Amiee Masters Altman, MsEd

Aimee Masters Altman is currently a middle school language arts teacher in southern New Jersey.  As a teacher with over 13 years experience, she has worked as a Kindergarten-6th grade Library-Media Specialist, a 3rd grade inclusion teacher, as well as a middle school language arts teacher.  Mrs. Altman graduated from the University of Pennsylvania with a degree in Sociology with a concentration in health and medicine and a minor in Women’s Studies.  During her time at UPenn, she found her passion for teaching while working the Extended School Year program for students with special needs.  She then went on to earn her Master’s degree in Education in Reading/Writing/Literacy with a certification as a Reading Specialist from the University of Pennsylvania School of Education.  She continued her education for a Library-Media Specialist certification at Rutgers University.  Mrs. Altman has sat on many committees to analyze, select, and write curriculum.

Korey Sewell, PhD

Dr. Korey Sewell , founder of Hands-On Technology Education, is a professional engineer and educator specializing in Computer Science & Engineering. He received his Ph.D. in Computer Science from the University of Michigan (2012) and his Bachelor’s degree from the University of California at Riverside (2004). His professional background consists of work at places such as Intel, Apple, Qualcomm and MIPS Technologies with interests in Microprocessors, CPU Workloads, and Simulation Methodology. As an educator, Dr. Sewell aspires for Hands-On Technology to continue to fulfill its mission of empowering the K-12 demographic with innovative, practical, and affordable technology-based activities (summer camps, workshops, and after-school programs).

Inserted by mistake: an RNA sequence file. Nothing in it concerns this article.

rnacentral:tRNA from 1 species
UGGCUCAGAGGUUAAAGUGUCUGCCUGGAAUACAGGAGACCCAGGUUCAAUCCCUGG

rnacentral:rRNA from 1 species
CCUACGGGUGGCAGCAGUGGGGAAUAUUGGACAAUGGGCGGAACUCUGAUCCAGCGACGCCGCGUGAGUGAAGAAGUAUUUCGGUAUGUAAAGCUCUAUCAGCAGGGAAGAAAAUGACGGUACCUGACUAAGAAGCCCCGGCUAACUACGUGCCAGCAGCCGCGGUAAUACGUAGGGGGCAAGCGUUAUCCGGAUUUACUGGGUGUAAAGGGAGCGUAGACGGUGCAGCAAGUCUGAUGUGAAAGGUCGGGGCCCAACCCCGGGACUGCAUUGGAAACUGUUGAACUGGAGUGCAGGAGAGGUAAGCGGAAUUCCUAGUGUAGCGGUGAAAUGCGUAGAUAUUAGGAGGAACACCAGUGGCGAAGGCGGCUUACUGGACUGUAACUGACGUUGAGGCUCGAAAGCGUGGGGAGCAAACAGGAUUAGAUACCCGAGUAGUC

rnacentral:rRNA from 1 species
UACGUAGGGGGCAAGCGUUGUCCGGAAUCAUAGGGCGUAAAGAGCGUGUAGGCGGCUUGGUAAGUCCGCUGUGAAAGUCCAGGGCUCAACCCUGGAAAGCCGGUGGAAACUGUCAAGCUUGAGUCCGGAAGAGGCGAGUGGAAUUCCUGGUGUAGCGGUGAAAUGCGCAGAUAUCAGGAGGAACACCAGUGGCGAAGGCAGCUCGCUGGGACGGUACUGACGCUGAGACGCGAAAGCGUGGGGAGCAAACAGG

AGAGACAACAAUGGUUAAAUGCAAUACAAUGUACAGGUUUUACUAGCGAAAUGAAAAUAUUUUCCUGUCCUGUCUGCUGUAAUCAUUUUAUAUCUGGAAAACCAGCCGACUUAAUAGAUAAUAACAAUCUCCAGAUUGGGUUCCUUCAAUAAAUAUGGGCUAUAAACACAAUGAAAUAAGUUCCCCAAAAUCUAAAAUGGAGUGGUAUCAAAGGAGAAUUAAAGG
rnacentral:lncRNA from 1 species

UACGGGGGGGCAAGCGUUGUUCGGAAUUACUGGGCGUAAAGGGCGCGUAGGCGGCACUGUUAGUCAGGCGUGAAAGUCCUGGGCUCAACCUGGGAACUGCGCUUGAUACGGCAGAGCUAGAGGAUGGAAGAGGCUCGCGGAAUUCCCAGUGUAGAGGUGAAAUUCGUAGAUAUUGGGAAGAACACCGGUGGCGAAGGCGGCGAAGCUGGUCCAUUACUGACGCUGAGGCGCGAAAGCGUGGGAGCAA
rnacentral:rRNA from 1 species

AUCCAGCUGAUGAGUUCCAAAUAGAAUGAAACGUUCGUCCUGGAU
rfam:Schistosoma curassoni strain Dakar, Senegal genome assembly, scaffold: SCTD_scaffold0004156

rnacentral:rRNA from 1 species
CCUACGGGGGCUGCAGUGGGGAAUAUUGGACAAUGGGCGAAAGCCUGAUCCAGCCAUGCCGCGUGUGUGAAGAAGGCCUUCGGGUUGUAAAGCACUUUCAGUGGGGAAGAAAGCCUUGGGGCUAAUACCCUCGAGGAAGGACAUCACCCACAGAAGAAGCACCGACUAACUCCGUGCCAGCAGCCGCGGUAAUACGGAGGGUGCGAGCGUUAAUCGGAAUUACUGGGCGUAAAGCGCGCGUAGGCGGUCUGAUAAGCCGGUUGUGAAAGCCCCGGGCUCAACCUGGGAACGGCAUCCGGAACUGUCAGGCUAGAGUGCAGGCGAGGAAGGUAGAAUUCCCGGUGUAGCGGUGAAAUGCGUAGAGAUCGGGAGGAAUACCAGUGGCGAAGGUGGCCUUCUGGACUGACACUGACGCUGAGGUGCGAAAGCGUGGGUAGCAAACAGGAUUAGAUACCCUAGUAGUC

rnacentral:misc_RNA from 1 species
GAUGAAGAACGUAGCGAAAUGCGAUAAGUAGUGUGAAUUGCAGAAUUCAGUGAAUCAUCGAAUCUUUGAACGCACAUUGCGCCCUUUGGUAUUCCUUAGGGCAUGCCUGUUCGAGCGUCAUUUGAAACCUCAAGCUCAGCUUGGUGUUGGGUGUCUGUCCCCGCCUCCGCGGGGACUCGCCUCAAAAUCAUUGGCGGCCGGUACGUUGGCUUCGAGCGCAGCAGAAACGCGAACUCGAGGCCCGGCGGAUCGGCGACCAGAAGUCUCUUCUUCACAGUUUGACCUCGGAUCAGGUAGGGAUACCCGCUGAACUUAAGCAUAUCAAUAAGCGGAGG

Jacqueline Masters, EDS, MA

Jacqueline received her Ed.S and M.A. degree in School Psychology from Rowan University and her B.S. degree in Psychology from Drexel University. She is currently certified in New Jersey and practices full time in the public school system. She has been working with the elementary and middle school students for 6+ years. She works to consult and collaborate with teachers, parents, and students to maximize their education and social experience. Additionally she completes cognitive and behavioral assessments as part of the Special Education process. She specializes in educating students, teachers, and parents on a variety of disorders such as anxiety, depression, ADHD, Autism, Specific Learning Disabilities, as well mood disorders and various developmental disorders.